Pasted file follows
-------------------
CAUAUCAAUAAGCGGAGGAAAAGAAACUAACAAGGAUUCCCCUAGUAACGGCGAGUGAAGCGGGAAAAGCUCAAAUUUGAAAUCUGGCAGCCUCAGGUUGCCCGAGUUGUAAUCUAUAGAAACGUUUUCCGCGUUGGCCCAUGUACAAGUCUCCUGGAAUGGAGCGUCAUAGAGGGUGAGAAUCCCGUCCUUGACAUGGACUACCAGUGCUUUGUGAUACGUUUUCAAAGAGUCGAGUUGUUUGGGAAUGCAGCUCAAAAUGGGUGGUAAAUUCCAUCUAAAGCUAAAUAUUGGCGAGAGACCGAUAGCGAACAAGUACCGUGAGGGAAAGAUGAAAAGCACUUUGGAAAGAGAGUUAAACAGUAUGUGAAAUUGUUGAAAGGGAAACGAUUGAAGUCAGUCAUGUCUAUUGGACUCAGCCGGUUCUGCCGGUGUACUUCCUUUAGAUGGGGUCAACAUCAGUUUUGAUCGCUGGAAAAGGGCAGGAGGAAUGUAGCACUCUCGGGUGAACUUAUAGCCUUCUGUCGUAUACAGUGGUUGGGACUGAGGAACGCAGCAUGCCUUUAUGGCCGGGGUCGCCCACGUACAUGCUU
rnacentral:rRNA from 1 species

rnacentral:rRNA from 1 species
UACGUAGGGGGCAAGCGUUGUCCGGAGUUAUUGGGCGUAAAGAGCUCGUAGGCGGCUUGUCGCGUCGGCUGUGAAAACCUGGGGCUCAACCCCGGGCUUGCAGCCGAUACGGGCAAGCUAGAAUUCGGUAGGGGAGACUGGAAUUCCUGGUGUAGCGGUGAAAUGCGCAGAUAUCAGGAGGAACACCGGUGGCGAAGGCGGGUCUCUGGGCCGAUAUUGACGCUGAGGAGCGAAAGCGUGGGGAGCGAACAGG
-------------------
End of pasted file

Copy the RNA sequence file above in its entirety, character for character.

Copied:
CAUAUCAAUAAGCGGAGGAAAAGAAACUAACAAGGAUUCCCCUAGUAACGGCGAGUGAAGCGGGAAAAGCUCAAAUUUGAAAUCUGGCAGCCUCAGGUUGCCCGAGUUGUAAUCUAUAGAAACGUUUUCCGCGUUGGCCCAUGUACAAGUCUCCUGGAAUGGAGCGUCAUAGAGGGUGAGAAUCCCGUCCUUGACAUGGACUACCAGUGCUUUGUGAUACGUUUUCAAAGAGUCGAGUUGUUUGGGAAUGCAGCUCAAAAUGGGUGGUAAAUUCCAUCUAAAGCUAAAUAUUGGCGAGAGACCGAUAGCGAACAAGUACCGUGAGGGAAAGAUGAAAAGCACUUUGGAAAGAGAGUUAAACAGUAUGUGAAAUUGUUGAAAGGGAAACGAUUGAAGUCAGUCAUGUCUAUUGGACUCAGCCGGUUCUGCCGGUGUACUUCCUUUAGAUGGGGUCAACAUCAGUUUUGAUCGCUGGAAAAGGGCAGGAGGAAUGUAGCACUCUCGGGUGAACUUAUAGCCUUCUGUCGUAUACAGUGGUUGGGACUGAGGAACGCAGCAUGCCUUUAUGGCCGGGGUCGCCCACGUACAUGCUU
rnacentral:rRNA from 1 species

rnacentral:rRNA from 1 species
UACGUAGGGGGCAAGCGUUGUCCGGAGUUAUUGGGCGUAAAGAGCUCGUAGGCGGCUUGUCGCGUCGGCUGUGAAAACCUGGGGCUCAACCCCGGGCUUGCAGCCGAUACGGGCAAGCUAGAAUUCGGUAGGGGAGACUGGAAUUCCUGGUGUAGCGGUGAAAUGCGCAGAUAUCAGGAGGAACACCGGUGGCGAAGGCGGGUCUCUGGGCCGAUAUUGACGCUGAGGAGCGAAAGCGUGGGGAGCGAACAGG